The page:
But I'd go back.
Interviews with survivors of the deadly sweat lodge on Primetime: Mind Games concluded there; with the disturbing revelation that some of Ray's followers are willing to overlook the deaths of three people. That a man one of them describes as "full of himself" was, at the very least, extremely negligent, doesn't trump the benefits they've gained. Brian Essad, for instance, has been learning how to visualize more money to pay bills he can't afford because he's spent so much on Ray's seminars. But he's ready and willing to cough up more dough, even after having witnessed people breaking their hands karate choppoing bricks at another seminar with no medical staff to attend to their injuries. Papa needs a new pair of shoes so he's ready to let it ride.
Whether it's the high pressure sales tactics combined with good, old-fashioned cult "snapping" at Ray's seminars, the lure of promised "wealth" for those who learn to "play full on," or the truthiness of the "law of attraction," Ray still has followers. Others have left in disgust, though, and figures such as Ray's former employee Melinda Martin will be familiar from previous media appearances following the disastrous sweat lodge.
Ray declined to be interviewed for the segment which should come as no surprise. But there is generous use of footage from past interviews and seminars. The more I experience of his personality, the more disturbed I am.
Early in the show, this snippet of one of his seminars jumped out at me for a couple of reasons. Says Ray to a packed auditorium:
When I talk to you from perspective of science, you can't argue with it. Heh, heh, heh, heh, heh, heh, HEH!
The farcical nature of his attempts to apply quantum mechanics to material wealth, I have addressed previously. So, yes, I can argue with it. It's absurd. Equally offensive is that common assertion of which I've grown so tired: that "science" is an unassailable authority. This idea that, "It's been scientifically proven," is the table slapper that stops all debate debases the process of science itself. But more than any of that, what is up with that juvenile cackling? Subtext: Nyah, nyah, nyah. I'm smarter than you!
I will be writing more about Ray's power trips and mind games in future but the show provides a glimpse into his dangerous grandiosity. It covers the creepy "Samurai" game in which Ray played God with the power of life and death over people and the way face time with him is used to bait people into spending more money. Ray infantilizes his followers and forces them into a situation in which he is the only authority. This doesn't just build trust. It creates dependency. This would be dangerous even if he knew what he was doing as he led people in potentially dangerous activities. That he doesn't have a clue has cost four people their lives.
I was somewhat surprised to see that Primetime took aim not only at Ray but at The Secret and raised troubling questions about the "law of attraction." Dan Harris, who previously asked Ray to explain horrors like the Holocaust, is continuing to pursue some explanation of why bad things happen to good people. Unable to get Ray to agree to an interview for the show, he called into his webcast. A partial transcript of the call can be found in the article on the ABC site:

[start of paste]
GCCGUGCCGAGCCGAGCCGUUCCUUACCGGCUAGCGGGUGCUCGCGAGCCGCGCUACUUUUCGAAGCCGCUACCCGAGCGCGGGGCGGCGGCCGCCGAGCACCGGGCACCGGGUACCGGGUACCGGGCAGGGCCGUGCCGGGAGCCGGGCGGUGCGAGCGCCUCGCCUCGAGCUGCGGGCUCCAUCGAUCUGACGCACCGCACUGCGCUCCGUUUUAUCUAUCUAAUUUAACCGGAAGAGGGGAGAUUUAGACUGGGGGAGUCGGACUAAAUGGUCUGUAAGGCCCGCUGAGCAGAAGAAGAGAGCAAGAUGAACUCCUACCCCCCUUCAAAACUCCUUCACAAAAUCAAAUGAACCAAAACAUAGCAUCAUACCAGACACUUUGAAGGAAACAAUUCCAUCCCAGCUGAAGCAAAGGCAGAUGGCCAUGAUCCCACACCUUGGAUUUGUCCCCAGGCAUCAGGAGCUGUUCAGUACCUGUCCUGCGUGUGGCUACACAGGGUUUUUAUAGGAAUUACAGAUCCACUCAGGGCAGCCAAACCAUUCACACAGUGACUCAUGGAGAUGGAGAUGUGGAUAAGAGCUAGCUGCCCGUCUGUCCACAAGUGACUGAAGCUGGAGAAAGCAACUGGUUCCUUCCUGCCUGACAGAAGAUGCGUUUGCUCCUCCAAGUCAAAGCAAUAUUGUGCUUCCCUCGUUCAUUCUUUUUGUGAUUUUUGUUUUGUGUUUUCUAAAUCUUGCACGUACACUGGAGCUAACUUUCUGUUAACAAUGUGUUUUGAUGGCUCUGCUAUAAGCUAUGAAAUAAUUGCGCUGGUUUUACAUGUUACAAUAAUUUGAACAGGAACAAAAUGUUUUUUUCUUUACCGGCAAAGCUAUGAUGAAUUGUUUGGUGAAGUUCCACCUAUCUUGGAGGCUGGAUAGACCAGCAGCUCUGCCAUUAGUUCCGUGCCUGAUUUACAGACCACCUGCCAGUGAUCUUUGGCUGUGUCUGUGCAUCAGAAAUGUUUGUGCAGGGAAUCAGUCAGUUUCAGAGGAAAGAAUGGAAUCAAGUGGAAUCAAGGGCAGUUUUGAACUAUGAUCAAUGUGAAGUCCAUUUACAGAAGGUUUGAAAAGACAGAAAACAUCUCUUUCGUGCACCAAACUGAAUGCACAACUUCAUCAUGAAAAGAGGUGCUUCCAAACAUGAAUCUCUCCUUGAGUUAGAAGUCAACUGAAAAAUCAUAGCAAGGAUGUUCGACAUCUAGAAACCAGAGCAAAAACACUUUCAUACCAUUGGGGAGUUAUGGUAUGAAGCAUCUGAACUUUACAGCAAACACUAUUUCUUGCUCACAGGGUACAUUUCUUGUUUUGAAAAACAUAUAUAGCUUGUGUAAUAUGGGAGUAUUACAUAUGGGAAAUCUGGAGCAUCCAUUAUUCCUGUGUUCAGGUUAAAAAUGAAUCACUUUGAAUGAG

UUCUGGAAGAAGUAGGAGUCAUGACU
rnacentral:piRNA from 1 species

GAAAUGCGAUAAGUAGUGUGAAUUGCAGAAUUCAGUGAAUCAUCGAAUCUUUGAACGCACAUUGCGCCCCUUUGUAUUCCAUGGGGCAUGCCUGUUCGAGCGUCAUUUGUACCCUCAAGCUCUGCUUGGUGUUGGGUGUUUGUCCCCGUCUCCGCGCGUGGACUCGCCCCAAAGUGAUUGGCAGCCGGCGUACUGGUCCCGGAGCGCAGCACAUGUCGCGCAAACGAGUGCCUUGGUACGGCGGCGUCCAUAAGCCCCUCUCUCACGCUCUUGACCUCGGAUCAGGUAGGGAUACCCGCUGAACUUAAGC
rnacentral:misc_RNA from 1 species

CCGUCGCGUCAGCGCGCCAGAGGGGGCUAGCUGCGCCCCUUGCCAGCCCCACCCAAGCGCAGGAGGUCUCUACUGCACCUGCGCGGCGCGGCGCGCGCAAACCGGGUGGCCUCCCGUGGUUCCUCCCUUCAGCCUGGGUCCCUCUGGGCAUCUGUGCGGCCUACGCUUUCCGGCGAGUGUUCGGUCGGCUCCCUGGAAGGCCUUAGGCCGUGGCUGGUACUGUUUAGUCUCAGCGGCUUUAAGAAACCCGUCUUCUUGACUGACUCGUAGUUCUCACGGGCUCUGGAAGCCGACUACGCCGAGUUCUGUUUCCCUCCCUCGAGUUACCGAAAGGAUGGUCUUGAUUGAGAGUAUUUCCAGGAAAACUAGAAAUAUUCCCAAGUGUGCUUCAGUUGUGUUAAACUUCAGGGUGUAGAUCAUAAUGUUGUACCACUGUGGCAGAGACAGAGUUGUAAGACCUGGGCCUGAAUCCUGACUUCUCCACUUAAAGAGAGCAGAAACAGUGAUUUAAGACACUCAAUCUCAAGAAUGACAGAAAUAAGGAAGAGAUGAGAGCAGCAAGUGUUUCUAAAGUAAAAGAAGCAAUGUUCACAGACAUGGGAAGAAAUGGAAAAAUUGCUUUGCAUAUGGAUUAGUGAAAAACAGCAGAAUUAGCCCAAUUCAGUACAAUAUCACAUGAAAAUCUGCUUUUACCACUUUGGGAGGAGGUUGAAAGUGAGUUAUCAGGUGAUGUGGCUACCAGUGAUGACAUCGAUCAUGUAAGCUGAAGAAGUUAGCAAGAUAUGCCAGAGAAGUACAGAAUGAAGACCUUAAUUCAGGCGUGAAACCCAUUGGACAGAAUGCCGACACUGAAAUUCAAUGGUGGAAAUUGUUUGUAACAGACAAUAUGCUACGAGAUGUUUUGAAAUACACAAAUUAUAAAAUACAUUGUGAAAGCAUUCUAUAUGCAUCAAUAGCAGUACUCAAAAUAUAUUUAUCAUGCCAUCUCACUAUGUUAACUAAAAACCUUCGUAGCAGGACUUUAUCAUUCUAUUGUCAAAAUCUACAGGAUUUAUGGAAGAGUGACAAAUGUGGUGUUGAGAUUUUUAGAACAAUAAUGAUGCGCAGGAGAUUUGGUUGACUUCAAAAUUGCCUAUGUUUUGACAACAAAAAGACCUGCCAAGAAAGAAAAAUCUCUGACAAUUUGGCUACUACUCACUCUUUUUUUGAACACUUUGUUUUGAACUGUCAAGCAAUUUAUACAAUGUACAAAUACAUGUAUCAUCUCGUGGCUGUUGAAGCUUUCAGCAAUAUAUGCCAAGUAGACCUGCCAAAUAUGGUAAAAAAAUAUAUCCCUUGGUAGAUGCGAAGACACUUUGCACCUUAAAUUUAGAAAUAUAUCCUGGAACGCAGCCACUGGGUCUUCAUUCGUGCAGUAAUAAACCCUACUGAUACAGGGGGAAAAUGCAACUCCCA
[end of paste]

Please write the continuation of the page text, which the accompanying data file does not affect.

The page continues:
James Ray: So who do we have on the line, I apologize I don't have the name…but I know you are holding?
Dan Harris: Hi James. My name is Dan Harris, I am from ABC News. And my question is, If the Law of Attraction really works -- and you know how to use it, why have so many bad things happened to you and your followers?
James Ray: Well, you know Dan, um, Mickey, I think we need to flush Dan right, right on down the stream, because, um, that's -- that's not something that we are going to talk to here. And if you had been following along, you would recognize that part of going down the stream is getting in the rapids.
So another non-answer and a brush off. As I said here, that we learn and grow through life's ups and downs doesn't answer the question of how we manifest those downs with our thoughts. If life is just going to continue to be a mixed bag, what are people getting for the thousands of dollars invested in classes that are supposed to be helping them get all those "negative" thoughts and manifestations under control?
Harris also took that question to Joe Vitale who currently offers his sage advice during very expensive rides in his limo. Vitale was more straightforward in his advice for earthquake survivors in Haiti. They need to take responsibility for the kinds of negative thoughts that magnetize their reality. Apparently, when the Haitians opened their universal "catalog" they ordered up a devastating quake. Or perhaps Pat Robertson was right and it was that pact with the devil.
Harris also points out that Ray is not maintaining his physique, in as much as he is, using the "law of attraction," but with a "veritable pharmaceutical cornucopia" of weight loss aids and steroids. Ray claims he was prescribed these drugs for a medical condition. But wait a minute.
Likewise, there are others who qualify as a creative genius, and they're physically sick all the time. That's not real wealth!
Ray has previously claimed that he hasn't had so much as a cold in years. This we're supposed to believe is because of his great "law of attraction" mindset and healthy diet. But now he claims that he has some ailment so serious it requires steroids.
I wish such hypocrisy was the worst of the crimes in this expose but it's not. The late Kirby Brown's mother Ginny says near the end of the show, "He needs to be stopped. How many more people have to die before he's stopped? He needs to be stopped." Hear. Hear.
The entire show can be viewed online here.